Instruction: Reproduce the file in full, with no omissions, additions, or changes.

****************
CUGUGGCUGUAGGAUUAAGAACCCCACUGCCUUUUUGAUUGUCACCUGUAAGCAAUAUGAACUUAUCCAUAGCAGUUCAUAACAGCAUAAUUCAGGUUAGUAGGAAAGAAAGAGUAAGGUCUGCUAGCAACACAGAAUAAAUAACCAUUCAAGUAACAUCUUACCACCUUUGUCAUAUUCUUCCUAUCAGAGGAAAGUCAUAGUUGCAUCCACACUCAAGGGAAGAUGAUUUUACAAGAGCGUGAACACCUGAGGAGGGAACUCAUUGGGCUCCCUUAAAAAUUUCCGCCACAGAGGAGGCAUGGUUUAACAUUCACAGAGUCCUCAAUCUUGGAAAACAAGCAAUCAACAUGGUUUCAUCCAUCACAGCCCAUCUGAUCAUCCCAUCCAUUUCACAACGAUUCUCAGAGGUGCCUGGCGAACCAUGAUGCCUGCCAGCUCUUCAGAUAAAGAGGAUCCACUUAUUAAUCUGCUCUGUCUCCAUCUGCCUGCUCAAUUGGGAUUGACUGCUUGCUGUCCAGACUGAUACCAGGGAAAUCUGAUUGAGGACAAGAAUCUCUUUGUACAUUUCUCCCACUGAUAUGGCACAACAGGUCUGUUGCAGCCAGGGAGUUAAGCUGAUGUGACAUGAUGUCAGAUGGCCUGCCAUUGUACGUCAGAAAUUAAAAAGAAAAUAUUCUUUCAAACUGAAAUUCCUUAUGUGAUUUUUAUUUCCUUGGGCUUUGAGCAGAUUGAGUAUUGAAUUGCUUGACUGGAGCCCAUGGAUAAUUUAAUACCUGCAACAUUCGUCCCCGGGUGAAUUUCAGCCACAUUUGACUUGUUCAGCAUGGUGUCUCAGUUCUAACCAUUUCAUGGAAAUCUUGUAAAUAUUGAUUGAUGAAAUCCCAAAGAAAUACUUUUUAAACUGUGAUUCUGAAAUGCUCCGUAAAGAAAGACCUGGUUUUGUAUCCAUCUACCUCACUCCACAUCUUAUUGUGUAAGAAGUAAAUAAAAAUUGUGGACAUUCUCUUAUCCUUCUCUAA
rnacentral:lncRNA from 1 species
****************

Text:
CUGUGGCUGUAGGAUUAAGAACCCCACUGCCUUUUUGAUUGUCACCUGUAAGCAAUAUGAACUUAUCCAUAGCAGUUCAUAACAGCAUAAUUCAGGUUAGUAGGAAAGAAAGAGUAAGGUCUGCUAGCAACACAGAAUAAAUAACCAUUCAAGUAACAUCUUACCACCUUUGUCAUAUUCUUCCUAUCAGAGGAAAGUCAUAGUUGCAUCCACACUCAAGGGAAGAUGAUUUUACAAGAGCGUGAACACCUGAGGAGGGAACUCAUUGGGCUCCCUUAAAAAUUUCCGCCACAGAGGAGGCAUGGUUUAACAUUCACAGAGUCCUCAAUCUUGGAAAACAAGCAAUCAACAUGGUUUCAUCCAUCACAGCCCAUCUGAUCAUCCCAUCCAUUUCACAACGAUUCUCAGAGGUGCCUGGCGAACCAUGAUGCCUGCCAGCUCUUCAGAUAAAGAGGAUCCACUUAUUAAUCUGCUCUGUCUCCAUCUGCCUGCUCAAUUGGGAUUGACUGCUUGCUGUCCAGACUGAUACCAGGGAAAUCUGAUUGAGGACAAGAAUCUCUUUGUACAUUUCUCCCACUGAUAUGGCACAACAGGUCUGUUGCAGCCAGGGAGUUAAGCUGAUGUGACAUGAUGUCAGAUGGCCUGCCAUUGUACGUCAGAAAUUAAAAAGAAAAUAUUCUUUCAAACUGAAAUUCCUUAUGUGAUUUUUAUUUCCUUGGGCUUUGAGCAGAUUGAGUAUUGAAUUGCUUGACUGGAGCCCAUGGAUAAUUUAAUACCUGCAACAUUCGUCCCCGGGUGAAUUUCAGCCACAUUUGACUUGUUCAGCAUGGUGUCUCAGUUCUAACCAUUUCAUGGAAAUCUUGUAAAUAUUGAUUGAUGAAAUCCCAAAGAAAUACUUUUUAAACUGUGAUUCUGAAAUGCUCCGUAAAGAAAGACCUGGUUUUGUAUCCAUCUACCUCACUCCACAUCUUAUUGUGUAAGAAGUAAAUAAAAAUUGUGGACAUUCUCUUAUCCUUCUCUAA
rnacentral:lncRNA from 1 species